Author Topic: Baker's yeast quantity prediction model - please compare to your results  (Read 81637 times)

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Offline the1mu

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Baker's yeast quantity prediction model - please compare to your results
« Reply #325 on: June 22, 2016, 09:03:33 PM »
Question for Craig....

How would you adapt this to bread making? Say the typical workflow is 3 hours of total rise (2 hours in bulk, 1 hour shaped), would you use yeast for the 3 hour period? What if you do a punch down/S&F half way through the bulk? Would that change the amount you'd use?

My kitchen is about 82 right now and the chart specifies about .1-.13% for 3 hours at that temp. If I am aiming for around 3-3.5 hours with fermenting (not including mixing, dividing and shaping time) and if I typically do 2 hours bulk, 1 hour shaped, is that the correct approach?

Or does it in some weird way, it just not carry over?

Offline TXCraig1

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I'm not sure you can. The underlying assumptions are rather different than encountered in bread baking.
"We make great pizza, with sourdough when we can, commercial yeast when we must, but always great pizza."  
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Offline the1mu

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I'm not sure you can. The underlying assumptions are rather different than encountered in bread baking.

Would the underlying assumptions simply be to get the pizza dough to approximately double?

Offline TXCraig1

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Would the underlying assumptions simply be to get the pizza dough to approximately double?

Generally speaking, yes.
"We make great pizza, with sourdough when we can, commercial yeast when we must, but always great pizza."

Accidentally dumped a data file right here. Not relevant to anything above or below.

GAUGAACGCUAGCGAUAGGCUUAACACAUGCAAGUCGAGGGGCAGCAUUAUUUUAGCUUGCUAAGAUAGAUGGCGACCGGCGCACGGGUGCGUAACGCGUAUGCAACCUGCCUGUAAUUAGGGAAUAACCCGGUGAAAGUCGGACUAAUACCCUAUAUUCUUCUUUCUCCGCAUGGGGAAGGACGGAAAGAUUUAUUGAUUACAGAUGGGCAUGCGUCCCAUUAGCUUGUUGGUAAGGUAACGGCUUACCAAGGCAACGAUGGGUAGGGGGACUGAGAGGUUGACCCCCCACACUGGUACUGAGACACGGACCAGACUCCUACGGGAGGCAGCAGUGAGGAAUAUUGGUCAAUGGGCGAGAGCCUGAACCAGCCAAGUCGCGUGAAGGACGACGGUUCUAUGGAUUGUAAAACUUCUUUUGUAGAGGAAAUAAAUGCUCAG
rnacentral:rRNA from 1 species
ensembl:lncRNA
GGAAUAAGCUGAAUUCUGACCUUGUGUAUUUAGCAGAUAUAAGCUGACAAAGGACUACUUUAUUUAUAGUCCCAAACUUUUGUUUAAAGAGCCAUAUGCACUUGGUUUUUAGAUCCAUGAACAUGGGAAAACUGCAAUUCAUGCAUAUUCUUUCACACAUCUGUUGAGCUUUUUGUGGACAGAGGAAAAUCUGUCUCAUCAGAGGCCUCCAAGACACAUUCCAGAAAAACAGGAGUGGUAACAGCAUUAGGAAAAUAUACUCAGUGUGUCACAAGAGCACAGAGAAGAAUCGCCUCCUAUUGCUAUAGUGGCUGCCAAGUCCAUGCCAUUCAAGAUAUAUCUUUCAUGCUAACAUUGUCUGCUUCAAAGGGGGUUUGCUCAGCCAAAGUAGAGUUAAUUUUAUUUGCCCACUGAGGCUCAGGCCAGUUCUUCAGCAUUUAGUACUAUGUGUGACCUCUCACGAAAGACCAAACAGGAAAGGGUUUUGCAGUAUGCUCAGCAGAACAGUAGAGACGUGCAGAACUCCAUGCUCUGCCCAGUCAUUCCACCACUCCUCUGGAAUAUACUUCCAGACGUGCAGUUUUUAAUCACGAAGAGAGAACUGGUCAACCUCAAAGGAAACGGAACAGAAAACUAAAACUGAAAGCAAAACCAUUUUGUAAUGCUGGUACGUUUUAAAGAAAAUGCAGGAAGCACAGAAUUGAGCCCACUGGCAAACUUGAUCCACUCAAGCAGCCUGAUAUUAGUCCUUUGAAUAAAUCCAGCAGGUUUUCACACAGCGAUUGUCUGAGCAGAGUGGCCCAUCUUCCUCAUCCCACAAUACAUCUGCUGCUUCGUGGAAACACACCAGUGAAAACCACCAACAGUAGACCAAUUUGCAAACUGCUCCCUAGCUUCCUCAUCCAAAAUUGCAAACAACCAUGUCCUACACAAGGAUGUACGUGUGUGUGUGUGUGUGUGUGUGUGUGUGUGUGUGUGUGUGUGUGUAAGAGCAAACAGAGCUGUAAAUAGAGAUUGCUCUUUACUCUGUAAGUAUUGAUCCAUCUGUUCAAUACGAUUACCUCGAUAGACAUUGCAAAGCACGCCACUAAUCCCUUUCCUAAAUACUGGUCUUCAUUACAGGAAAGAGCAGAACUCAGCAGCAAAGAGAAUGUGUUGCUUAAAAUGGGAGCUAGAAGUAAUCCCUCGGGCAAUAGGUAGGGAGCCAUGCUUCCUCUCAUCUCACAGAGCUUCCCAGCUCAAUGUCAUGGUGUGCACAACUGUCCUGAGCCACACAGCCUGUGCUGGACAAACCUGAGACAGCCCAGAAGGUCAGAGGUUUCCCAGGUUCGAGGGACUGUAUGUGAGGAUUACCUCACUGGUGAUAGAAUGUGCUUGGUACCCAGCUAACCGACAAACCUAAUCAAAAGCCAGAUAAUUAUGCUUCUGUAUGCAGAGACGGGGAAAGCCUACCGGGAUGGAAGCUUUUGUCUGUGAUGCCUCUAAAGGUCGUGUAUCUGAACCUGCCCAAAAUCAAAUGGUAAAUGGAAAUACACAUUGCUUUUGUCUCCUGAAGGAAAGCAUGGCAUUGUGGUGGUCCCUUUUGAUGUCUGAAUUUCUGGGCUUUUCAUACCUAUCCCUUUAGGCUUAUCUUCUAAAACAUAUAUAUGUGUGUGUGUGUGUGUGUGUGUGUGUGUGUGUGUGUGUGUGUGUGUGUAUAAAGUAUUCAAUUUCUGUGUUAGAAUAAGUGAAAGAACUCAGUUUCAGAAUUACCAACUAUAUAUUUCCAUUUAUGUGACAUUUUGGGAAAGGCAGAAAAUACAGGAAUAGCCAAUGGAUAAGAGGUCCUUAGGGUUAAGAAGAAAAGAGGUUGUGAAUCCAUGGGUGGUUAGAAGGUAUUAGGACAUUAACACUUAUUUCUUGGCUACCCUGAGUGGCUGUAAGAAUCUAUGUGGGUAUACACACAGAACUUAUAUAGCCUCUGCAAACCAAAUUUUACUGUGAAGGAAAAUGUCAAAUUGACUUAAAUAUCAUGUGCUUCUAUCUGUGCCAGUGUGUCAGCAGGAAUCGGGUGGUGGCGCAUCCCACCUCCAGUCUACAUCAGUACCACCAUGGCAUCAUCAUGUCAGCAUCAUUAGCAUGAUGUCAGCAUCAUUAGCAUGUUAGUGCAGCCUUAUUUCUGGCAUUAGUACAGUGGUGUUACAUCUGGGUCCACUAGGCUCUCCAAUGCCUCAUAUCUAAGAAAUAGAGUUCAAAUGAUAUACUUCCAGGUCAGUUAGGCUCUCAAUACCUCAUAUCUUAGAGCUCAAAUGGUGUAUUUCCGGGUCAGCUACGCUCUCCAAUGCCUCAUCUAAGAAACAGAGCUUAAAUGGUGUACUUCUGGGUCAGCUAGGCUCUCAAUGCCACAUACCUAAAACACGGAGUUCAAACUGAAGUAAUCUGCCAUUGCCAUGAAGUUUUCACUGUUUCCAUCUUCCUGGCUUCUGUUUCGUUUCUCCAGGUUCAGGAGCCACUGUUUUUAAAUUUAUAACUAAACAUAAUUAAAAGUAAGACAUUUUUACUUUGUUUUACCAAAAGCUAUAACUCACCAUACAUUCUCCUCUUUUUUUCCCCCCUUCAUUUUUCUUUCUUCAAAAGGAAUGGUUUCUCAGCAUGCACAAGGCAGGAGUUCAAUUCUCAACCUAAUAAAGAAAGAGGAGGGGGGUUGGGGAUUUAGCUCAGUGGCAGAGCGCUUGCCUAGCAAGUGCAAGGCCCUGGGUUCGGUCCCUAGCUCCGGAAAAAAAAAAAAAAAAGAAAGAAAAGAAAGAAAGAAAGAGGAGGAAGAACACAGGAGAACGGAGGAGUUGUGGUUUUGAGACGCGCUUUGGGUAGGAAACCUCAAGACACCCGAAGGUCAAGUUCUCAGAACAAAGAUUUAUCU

Craig's Neapolitan Garage

Offline the1mu

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Baker's yeast quantity prediction model - please compare to your results
« Reply #329 on: Yesterday at 09:31:15 AM »
So, in relation to my above question, I tried a controlled experiment today in attempt to see if I can approximate how to use this chart regarding bread making. I decided to do two identical doughs, literally within minutes of each other with keeping everything identical except the yeast. I decided to ferment and proof for 3 hours and stick to that timetable regardless of what was happening with the dough, so that the difference of the affect of yeast amounts would be the only thing that would affect outcome.

My room temp was approx 79-80 for the whole three hours and I checked it at the site of the dough approximately 5 times over those three hours.

I started with 66g water and then measured my yeast and added it to the water (IDY). I then immediately added 100 g of flour. I mixed until combined with a fork then put the ball onto the counter and covered with plastic wrap. The whole process took less than 2 minutes. I then immediately measured out another 66g of water and the 2nd yeast amount and combined. Then again added 100 g of flour and mixed until combined, turning the resulting ball onto the counter and covering. I then set a timer for 10 minutes.